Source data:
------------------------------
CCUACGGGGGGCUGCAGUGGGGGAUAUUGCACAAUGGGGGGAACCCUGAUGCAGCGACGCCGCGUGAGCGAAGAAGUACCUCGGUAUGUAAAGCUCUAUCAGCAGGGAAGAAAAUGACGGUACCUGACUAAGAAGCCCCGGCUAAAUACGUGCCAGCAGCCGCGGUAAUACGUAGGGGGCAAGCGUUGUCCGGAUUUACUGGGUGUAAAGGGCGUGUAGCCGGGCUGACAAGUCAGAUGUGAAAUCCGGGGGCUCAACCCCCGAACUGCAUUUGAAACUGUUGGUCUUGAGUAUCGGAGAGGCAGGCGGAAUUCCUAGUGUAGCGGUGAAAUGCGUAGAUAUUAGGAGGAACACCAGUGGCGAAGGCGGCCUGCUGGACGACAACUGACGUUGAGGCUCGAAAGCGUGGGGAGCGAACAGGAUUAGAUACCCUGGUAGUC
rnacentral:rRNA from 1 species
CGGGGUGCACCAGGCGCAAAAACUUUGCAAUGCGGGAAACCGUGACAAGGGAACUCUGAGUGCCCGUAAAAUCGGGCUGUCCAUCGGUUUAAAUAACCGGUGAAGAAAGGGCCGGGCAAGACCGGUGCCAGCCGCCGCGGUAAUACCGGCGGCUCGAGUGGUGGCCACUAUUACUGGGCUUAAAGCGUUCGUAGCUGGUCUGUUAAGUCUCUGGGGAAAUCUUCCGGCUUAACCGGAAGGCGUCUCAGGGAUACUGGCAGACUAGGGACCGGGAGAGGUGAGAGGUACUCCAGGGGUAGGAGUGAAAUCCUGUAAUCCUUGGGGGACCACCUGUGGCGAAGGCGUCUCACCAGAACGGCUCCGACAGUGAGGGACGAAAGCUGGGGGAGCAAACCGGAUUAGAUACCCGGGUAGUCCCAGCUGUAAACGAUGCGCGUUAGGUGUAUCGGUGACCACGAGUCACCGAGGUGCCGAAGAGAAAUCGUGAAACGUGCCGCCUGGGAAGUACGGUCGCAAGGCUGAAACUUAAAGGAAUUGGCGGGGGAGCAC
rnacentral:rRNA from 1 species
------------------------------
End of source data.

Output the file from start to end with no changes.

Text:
CCUACGGGGGGCUGCAGUGGGGGAUAUUGCACAAUGGGGGGAACCCUGAUGCAGCGACGCCGCGUGAGCGAAGAAGUACCUCGGUAUGUAAAGCUCUAUCAGCAGGGAAGAAAAUGACGGUACCUGACUAAGAAGCCCCGGCUAAAUACGUGCCAGCAGCCGCGGUAAUACGUAGGGGGCAAGCGUUGUCCGGAUUUACUGGGUGUAAAGGGCGUGUAGCCGGGCUGACAAGUCAGAUGUGAAAUCCGGGGGCUCAACCCCCGAACUGCAUUUGAAACUGUUGGUCUUGAGUAUCGGAGAGGCAGGCGGAAUUCCUAGUGUAGCGGUGAAAUGCGUAGAUAUUAGGAGGAACACCAGUGGCGAAGGCGGCCUGCUGGACGACAACUGACGUUGAGGCUCGAAAGCGUGGGGAGCGAACAGGAUUAGAUACCCUGGUAGUC
rnacentral:rRNA from 1 species
CGGGGUGCACCAGGCGCAAAAACUUUGCAAUGCGGGAAACCGUGACAAGGGAACUCUGAGUGCCCGUAAAAUCGGGCUGUCCAUCGGUUUAAAUAACCGGUGAAGAAAGGGCCGGGCAAGACCGGUGCCAGCCGCCGCGGUAAUACCGGCGGCUCGAGUGGUGGCCACUAUUACUGGGCUUAAAGCGUUCGUAGCUGGUCUGUUAAGUCUCUGGGGAAAUCUUCCGGCUUAACCGGAAGGCGUCUCAGGGAUACUGGCAGACUAGGGACCGGGAGAGGUGAGAGGUACUCCAGGGGUAGGAGUGAAAUCCUGUAAUCCUUGGGGGACCACCUGUGGCGAAGGCGUCUCACCAGAACGGCUCCGACAGUGAGGGACGAAAGCUGGGGGAGCAAACCGGAUUAGAUACCCGGGUAGUCCCAGCUGUAAACGAUGCGCGUUAGGUGUAUCGGUGACCACGAGUCACCGAGGUGCCGAAGAGAAAUCGUGAAACGUGCCGCCUGGGAAGUACGGUCGCAAGGCUGAAACUUAAAGGAAUUGGCGGGGGAGCAC
rnacentral:rRNA from 1 species